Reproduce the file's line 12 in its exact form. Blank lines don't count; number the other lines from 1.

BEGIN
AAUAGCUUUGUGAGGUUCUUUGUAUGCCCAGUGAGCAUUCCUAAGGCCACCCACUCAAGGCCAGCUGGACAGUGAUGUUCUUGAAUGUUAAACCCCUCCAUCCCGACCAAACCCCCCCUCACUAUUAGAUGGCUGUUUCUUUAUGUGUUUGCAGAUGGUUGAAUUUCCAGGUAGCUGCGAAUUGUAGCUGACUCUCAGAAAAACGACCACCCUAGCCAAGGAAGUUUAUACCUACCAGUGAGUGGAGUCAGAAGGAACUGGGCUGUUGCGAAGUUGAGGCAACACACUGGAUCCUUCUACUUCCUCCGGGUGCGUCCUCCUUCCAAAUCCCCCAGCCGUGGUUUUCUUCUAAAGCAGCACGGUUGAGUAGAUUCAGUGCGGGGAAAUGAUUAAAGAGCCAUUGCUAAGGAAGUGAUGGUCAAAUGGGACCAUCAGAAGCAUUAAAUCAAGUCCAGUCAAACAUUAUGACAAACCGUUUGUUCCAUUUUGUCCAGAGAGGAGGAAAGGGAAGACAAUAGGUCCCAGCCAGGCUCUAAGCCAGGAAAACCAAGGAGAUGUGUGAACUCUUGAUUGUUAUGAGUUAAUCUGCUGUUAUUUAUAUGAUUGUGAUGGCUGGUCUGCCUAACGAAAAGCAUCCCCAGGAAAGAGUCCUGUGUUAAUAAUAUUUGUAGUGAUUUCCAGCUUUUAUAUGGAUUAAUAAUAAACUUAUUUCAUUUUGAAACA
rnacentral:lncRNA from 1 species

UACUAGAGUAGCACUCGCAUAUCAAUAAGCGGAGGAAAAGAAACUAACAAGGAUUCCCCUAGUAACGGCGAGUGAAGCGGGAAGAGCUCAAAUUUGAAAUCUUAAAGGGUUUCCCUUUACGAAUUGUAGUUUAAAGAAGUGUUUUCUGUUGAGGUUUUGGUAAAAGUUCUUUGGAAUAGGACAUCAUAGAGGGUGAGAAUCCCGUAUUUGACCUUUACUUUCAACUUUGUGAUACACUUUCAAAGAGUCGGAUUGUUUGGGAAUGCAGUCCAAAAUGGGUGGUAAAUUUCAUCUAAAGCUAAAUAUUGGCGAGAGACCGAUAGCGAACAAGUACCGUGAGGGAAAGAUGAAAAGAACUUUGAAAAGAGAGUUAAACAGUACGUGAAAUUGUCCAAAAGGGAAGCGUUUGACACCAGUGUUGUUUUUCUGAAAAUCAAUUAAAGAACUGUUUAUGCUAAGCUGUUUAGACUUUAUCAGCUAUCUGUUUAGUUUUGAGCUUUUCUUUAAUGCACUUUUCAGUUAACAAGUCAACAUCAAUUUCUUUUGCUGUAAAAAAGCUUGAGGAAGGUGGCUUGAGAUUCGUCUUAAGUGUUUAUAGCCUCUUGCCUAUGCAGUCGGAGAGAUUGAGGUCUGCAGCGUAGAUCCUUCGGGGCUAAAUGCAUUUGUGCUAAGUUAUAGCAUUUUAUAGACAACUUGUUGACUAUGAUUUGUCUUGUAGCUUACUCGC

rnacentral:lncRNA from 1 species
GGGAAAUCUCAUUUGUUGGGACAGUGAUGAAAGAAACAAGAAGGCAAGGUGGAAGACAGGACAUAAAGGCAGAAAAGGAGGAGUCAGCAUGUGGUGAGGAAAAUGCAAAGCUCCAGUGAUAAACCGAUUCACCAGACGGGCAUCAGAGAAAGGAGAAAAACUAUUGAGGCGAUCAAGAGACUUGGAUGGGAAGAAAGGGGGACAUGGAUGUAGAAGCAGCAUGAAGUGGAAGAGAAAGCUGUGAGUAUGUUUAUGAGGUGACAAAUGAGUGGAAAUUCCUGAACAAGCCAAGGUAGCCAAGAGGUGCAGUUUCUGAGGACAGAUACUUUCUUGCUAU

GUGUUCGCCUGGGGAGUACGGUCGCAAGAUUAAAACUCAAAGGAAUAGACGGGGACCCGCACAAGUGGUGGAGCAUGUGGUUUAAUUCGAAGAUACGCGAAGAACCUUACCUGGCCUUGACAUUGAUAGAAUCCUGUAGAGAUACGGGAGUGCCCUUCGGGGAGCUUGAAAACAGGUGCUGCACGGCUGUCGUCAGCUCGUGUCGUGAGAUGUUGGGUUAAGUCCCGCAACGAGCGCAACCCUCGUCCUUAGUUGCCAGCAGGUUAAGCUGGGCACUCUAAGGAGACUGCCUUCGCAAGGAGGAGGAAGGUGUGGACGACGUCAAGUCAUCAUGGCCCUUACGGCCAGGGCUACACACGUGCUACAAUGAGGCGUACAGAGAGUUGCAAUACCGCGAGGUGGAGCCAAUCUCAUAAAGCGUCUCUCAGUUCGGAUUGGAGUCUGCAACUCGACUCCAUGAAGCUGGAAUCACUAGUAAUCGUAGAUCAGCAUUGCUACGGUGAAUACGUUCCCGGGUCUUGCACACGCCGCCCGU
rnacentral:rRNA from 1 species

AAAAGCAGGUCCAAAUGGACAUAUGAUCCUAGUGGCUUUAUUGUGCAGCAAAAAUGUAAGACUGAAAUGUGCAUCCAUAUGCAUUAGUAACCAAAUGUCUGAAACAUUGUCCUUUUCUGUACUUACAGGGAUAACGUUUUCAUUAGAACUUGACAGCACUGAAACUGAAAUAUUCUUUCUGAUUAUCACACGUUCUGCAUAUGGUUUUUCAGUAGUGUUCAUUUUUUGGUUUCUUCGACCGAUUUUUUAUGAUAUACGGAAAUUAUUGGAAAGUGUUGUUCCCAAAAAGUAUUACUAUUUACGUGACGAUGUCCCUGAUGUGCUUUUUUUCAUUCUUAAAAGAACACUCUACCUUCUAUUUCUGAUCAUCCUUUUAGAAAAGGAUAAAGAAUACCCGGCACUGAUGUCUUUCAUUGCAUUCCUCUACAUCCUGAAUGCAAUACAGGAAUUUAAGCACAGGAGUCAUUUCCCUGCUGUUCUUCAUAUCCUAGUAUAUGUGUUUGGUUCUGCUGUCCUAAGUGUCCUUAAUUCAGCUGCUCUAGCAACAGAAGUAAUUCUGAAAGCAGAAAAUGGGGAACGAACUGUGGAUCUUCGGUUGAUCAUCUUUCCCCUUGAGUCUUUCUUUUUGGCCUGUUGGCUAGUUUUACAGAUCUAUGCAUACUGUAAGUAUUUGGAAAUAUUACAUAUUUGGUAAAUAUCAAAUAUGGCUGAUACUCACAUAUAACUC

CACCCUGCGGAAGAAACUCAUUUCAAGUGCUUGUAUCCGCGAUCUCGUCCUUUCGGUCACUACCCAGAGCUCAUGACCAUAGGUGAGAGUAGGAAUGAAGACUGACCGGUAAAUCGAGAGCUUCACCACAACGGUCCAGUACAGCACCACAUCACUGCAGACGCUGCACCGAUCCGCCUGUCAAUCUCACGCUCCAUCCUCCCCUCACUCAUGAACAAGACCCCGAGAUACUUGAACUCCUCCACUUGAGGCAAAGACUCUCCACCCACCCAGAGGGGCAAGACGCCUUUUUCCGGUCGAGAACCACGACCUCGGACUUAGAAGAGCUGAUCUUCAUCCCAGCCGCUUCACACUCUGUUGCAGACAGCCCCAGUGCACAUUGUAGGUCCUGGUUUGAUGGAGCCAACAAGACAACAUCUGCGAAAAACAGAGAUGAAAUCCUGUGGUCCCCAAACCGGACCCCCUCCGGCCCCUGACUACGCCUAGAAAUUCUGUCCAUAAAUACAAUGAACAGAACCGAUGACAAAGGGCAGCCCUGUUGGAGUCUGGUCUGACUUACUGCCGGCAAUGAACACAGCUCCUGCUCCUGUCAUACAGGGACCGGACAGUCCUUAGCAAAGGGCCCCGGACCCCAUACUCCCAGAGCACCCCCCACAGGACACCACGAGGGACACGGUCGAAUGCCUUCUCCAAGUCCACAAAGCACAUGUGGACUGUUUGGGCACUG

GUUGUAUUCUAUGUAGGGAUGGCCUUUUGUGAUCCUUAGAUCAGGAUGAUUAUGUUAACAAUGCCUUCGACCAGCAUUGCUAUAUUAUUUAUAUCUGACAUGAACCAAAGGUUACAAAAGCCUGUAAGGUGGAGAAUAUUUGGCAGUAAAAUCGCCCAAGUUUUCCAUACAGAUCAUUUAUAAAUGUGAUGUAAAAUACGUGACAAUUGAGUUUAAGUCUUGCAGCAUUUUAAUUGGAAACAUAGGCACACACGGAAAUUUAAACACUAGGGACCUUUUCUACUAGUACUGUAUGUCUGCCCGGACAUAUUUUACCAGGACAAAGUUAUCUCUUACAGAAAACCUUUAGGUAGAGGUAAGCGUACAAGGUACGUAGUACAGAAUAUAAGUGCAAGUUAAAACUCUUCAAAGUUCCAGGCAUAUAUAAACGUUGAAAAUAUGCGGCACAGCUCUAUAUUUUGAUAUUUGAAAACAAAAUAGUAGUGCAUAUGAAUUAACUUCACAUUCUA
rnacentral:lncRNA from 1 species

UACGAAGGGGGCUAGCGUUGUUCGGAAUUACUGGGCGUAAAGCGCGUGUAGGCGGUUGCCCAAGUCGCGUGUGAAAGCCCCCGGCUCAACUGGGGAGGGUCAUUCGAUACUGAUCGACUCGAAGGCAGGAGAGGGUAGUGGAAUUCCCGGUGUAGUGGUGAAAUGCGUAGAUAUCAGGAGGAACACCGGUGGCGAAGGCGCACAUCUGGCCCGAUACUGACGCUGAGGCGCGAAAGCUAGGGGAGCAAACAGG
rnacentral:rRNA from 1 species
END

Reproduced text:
UACGAAGGGGGCUAGCGUUGUUCGGAAUUACUGGGCGUAAAGCGCGUGUAGGCGGUUGCCCAAGUCGCGUGUGAAAGCCCCCGGCUCAACUGGGGAGGGUCAUUCGAUACUGAUCGACUCGAAGGCAGGAGAGGGUAGUGGAAUUCCCGGUGUAGUGGUGAAAUGCGUAGAUAUCAGGAGGAACACCGGUGGCGAAGGCGCACAUCUGGCCCGAUACUGACGCUGAGGCGCGAAAGCUAGGGGAGCAAACAGG